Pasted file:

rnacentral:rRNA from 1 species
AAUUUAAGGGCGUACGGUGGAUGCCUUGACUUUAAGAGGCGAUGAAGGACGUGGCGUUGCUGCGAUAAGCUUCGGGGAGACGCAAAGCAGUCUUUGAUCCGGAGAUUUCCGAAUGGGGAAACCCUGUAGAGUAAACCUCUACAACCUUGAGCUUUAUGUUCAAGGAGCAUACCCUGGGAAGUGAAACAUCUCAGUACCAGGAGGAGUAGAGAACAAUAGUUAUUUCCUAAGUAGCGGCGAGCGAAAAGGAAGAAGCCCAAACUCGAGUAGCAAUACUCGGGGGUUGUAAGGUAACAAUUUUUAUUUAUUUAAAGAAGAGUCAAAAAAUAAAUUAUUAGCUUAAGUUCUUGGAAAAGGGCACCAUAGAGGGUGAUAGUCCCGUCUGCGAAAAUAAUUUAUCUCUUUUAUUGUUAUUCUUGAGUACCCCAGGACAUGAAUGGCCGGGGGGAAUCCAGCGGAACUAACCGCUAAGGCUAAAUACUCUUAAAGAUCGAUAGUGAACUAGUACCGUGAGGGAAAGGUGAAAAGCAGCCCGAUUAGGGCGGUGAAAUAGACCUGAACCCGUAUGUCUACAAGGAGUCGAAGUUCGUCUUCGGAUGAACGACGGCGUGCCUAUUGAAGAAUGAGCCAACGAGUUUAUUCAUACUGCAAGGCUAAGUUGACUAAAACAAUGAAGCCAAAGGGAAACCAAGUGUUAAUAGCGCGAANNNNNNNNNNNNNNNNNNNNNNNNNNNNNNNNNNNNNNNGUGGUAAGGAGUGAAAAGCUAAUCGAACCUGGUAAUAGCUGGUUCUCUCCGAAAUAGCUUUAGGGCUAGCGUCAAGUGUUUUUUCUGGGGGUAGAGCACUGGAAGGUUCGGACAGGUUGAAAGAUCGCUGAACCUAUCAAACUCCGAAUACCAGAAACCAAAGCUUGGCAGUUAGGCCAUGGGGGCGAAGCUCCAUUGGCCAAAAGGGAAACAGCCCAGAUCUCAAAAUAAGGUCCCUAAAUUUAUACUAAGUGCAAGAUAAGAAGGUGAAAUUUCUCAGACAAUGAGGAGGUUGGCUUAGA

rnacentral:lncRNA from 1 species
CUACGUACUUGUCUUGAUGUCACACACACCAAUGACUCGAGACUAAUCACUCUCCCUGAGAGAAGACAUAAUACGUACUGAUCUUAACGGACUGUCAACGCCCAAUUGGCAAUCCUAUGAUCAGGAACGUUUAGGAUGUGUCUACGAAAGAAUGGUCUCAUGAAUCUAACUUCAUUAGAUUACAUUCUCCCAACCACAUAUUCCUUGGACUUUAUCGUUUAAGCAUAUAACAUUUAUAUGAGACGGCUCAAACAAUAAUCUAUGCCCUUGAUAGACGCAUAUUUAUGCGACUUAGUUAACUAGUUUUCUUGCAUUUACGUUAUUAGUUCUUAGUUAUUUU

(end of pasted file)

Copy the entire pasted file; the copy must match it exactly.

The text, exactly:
rnacentral:rRNA from 1 species
AAUUUAAGGGCGUACGGUGGAUGCCUUGACUUUAAGAGGCGAUGAAGGACGUGGCGUUGCUGCGAUAAGCUUCGGGGAGACGCAAAGCAGUCUUUGAUCCGGAGAUUUCCGAAUGGGGAAACCCUGUAGAGUAAACCUCUACAACCUUGAGCUUUAUGUUCAAGGAGCAUACCCUGGGAAGUGAAACAUCUCAGUACCAGGAGGAGUAGAGAACAAUAGUUAUUUCCUAAGUAGCGGCGAGCGAAAAGGAAGAAGCCCAAACUCGAGUAGCAAUACUCGGGGGUUGUAAGGUAACAAUUUUUAUUUAUUUAAAGAAGAGUCAAAAAAUAAAUUAUUAGCUUAAGUUCUUGGAAAAGGGCACCAUAGAGGGUGAUAGUCCCGUCUGCGAAAAUAAUUUAUCUCUUUUAUUGUUAUUCUUGAGUACCCCAGGACAUGAAUGGCCGGGGGGAAUCCAGCGGAACUAACCGCUAAGGCUAAAUACUCUUAAAGAUCGAUAGUGAACUAGUACCGUGAGGGAAAGGUGAAAAGCAGCCCGAUUAGGGCGGUGAAAUAGACCUGAACCCGUAUGUCUACAAGGAGUCGAAGUUCGUCUUCGGAUGAACGACGGCGUGCCUAUUGAAGAAUGAGCCAACGAGUUUAUUCAUACUGCAAGGCUAAGUUGACUAAAACAAUGAAGCCAAAGGGAAACCAAGUGUUAAUAGCGCGAANNNNNNNNNNNNNNNNNNNNNNNNNNNNNNNNNNNNNNNGUGGUAAGGAGUGAAAAGCUAAUCGAACCUGGUAAUAGCUGGUUCUCUCCGAAAUAGCUUUAGGGCUAGCGUCAAGUGUUUUUUCUGGGGGUAGAGCACUGGAAGGUUCGGACAGGUUGAAAGAUCGCUGAACCUAUCAAACUCCGAAUACCAGAAACCAAAGCUUGGCAGUUAGGCCAUGGGGGCGAAGCUCCAUUGGCCAAAAGGGAAACAGCCCAGAUCUCAAAAUAAGGUCCCUAAAUUUAUACUAAGUGCAAGAUAAGAAGGUGAAAUUUCUCAGACAAUGAGGAGGUUGGCUUAGA

rnacentral:lncRNA from 1 species
CUACGUACUUGUCUUGAUGUCACACACACCAAUGACUCGAGACUAAUCACUCUCCCUGAGAGAAGACAUAAUACGUACUGAUCUUAACGGACUGUCAACGCCCAAUUGGCAAUCCUAUGAUCAGGAACGUUUAGGAUGUGUCUACGAAAGAAUGGUCUCAUGAAUCUAACUUCAUUAGAUUACAUUCUCCCAACCACAUAUUCCUUGGACUUUAUCGUUUAAGCAUAUAACAUUUAUAUGAGACGGCUCAAACAAUAAUCUAUGCCCUUGAUAGACGCAUAUUUAUGCGACUUAGUUAACUAGUUUUCUUGCAUUUACGUUAUUAGUUCUUAGUUAUUUU